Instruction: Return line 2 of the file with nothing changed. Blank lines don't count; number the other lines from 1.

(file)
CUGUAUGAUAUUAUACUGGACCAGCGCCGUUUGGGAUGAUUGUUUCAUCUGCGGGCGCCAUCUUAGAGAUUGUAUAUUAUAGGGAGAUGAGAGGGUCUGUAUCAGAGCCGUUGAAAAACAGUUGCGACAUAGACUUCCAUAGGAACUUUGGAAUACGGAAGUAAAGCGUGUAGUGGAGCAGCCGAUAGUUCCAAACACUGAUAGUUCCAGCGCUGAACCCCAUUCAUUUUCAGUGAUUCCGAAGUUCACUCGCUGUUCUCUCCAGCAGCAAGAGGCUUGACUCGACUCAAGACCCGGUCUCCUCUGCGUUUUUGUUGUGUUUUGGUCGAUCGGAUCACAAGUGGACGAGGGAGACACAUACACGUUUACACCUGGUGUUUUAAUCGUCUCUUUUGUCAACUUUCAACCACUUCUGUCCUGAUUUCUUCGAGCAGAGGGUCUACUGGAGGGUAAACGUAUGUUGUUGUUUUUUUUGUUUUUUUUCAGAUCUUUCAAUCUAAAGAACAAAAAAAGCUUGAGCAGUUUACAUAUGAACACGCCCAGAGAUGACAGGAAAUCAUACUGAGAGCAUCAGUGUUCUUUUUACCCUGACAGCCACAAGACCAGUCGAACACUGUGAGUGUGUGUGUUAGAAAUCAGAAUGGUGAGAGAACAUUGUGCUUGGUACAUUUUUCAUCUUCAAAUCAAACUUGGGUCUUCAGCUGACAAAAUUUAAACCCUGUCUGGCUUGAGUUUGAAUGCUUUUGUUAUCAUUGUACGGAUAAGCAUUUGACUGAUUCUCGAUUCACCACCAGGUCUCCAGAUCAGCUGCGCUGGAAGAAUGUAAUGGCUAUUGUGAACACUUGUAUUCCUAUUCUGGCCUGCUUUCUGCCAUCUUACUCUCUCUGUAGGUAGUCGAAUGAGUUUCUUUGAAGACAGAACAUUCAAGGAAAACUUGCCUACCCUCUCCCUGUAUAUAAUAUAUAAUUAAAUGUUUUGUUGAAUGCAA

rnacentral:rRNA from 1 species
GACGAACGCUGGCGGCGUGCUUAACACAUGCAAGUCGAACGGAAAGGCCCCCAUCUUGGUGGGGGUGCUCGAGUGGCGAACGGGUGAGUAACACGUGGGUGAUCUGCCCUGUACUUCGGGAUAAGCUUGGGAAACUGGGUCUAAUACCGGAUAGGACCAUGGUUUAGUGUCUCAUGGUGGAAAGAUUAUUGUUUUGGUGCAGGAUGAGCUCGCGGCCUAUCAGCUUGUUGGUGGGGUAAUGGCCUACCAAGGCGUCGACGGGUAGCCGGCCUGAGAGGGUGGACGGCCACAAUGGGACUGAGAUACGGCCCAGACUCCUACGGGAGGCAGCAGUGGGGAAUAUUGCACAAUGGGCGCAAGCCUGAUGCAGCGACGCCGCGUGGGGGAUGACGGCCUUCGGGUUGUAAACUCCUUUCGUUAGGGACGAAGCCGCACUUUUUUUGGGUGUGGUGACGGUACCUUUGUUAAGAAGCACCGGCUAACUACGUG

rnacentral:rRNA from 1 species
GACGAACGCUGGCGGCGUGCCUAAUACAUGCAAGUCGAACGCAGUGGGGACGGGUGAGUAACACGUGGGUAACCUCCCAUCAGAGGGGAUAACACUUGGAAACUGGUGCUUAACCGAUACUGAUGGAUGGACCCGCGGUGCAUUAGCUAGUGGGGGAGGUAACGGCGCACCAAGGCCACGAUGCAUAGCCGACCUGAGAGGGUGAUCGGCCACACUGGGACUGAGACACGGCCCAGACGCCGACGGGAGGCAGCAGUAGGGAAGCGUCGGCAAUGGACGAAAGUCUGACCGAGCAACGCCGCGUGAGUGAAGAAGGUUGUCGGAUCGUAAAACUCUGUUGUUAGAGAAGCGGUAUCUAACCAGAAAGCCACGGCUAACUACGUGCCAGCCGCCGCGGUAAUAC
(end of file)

rnacentral:rRNA from 1 species